As for the actual name, I'd rather it was called "Windows 2010" for the following reasons:
A) Sensible, non "aspirational" name.
B) Shows a commitment from MS that they're going to stick to a some kind of schedule (i.e. no later than 2010).
C) Gives MS enough breathing room for slight slippage of the planned 2009 release date.
D) Gives consumers a clear idea of where the OS comes in relation to previous releases.
I have been ranting about this OS since I started to use it's early form.
Windows 7 is what Vista could have been!
The Post at this link explains how they came up with 7, http://www.averagetech.com/2008/10/14/next-windows-to-be-named-7-officially/
Just keep the OS as simple as possible, don't put much features in it, don't include lots of crappy program's never used, don't put in unused services.
This should be very basic, and you should be able to download what you (think you might) need from the MS website. Keep it modular. Configure an optional setup for basic users, but not for those who know what they are doing!
I've got a new moderate-to-high-end laptop this month. Vista runs like crap on it. Let's see if Windows 7 runs it fast enough.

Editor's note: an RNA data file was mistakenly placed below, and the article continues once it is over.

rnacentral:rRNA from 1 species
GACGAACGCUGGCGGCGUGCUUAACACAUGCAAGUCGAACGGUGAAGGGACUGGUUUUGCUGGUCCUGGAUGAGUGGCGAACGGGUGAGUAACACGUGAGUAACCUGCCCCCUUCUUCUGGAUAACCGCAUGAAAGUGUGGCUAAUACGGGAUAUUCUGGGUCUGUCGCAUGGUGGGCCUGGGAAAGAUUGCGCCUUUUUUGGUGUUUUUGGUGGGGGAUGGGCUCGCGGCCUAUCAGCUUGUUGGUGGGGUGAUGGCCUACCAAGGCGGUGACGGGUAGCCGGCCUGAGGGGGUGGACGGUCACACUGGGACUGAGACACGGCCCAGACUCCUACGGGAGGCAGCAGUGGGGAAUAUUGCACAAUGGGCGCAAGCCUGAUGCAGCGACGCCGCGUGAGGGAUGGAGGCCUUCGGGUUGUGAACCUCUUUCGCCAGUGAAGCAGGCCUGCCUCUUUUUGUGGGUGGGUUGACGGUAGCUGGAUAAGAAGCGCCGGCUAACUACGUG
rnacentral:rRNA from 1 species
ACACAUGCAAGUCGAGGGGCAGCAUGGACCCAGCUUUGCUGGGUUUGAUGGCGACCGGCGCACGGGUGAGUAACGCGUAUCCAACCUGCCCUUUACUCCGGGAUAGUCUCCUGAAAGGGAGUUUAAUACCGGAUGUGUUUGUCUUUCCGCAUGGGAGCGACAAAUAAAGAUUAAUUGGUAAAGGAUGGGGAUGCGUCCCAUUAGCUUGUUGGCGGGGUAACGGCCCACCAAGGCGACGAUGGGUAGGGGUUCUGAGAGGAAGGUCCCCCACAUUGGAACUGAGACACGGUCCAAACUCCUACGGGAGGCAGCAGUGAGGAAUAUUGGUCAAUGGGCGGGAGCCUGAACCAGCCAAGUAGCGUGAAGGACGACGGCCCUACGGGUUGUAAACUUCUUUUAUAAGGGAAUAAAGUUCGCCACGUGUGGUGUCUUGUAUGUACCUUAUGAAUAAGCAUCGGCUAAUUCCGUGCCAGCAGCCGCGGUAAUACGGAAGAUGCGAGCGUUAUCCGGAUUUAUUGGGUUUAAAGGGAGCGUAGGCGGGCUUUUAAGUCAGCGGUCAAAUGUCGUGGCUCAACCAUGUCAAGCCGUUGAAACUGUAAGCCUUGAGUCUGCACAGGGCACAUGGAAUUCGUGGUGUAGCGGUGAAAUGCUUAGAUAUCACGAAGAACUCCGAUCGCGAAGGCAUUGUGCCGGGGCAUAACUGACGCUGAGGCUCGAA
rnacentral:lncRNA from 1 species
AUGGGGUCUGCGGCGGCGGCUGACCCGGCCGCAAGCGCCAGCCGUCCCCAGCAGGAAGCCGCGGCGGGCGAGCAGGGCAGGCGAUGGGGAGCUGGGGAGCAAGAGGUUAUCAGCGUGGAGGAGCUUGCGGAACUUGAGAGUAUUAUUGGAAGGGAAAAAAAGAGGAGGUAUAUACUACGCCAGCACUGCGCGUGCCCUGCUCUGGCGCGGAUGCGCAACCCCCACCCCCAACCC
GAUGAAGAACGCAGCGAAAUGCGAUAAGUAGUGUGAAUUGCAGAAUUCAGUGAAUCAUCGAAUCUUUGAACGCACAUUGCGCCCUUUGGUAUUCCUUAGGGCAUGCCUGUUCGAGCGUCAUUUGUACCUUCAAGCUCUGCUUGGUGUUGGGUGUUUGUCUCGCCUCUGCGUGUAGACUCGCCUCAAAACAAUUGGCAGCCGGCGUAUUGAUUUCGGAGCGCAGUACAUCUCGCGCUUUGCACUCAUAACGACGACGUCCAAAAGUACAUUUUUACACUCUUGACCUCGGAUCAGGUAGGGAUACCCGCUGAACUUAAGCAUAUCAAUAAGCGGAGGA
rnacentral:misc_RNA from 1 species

I guess its
Windows NT wasnt really part of the typical run of operating systems but was designed for a different purpose. As for Windows 95 and Windows 98, I'm not sure what to say really, I guess they were just updates on 3. Although this one seems like an update on Vista.
Interestingly, if they'd counted NT, 95 and 98 then this would have been windows 10, which would have been a good opportunity to return to numbers. 7 seems more random.
Or how about "Vista 2"
@Blade: You forgot Windows 1, 2, 3
@primal: Exactly. The number came out of thin air, but if that's what it is, how could they ignore 95, 98, and NT?
alexandertg, I could not agree more. Things have gotten far too muddy and complicated. Windows 7 is perfect. Simple and to the point. Now if they only release ONE version of it, I'll be in heaven.
I think you should have named it Windows Mojave.
1. Pack it so full of features, so i don't have to buy anything.
2. Have everything turned off by default, and not installed.
3. Don't put limitations on things such as TCP/IP
4. Put a verify on CD/DVD/BLUERAY. So many bad DVD's that people will never know about, until they try to use them.
5. At least test keyboard usage before releasing, so many ctrl+v that never pasted any files.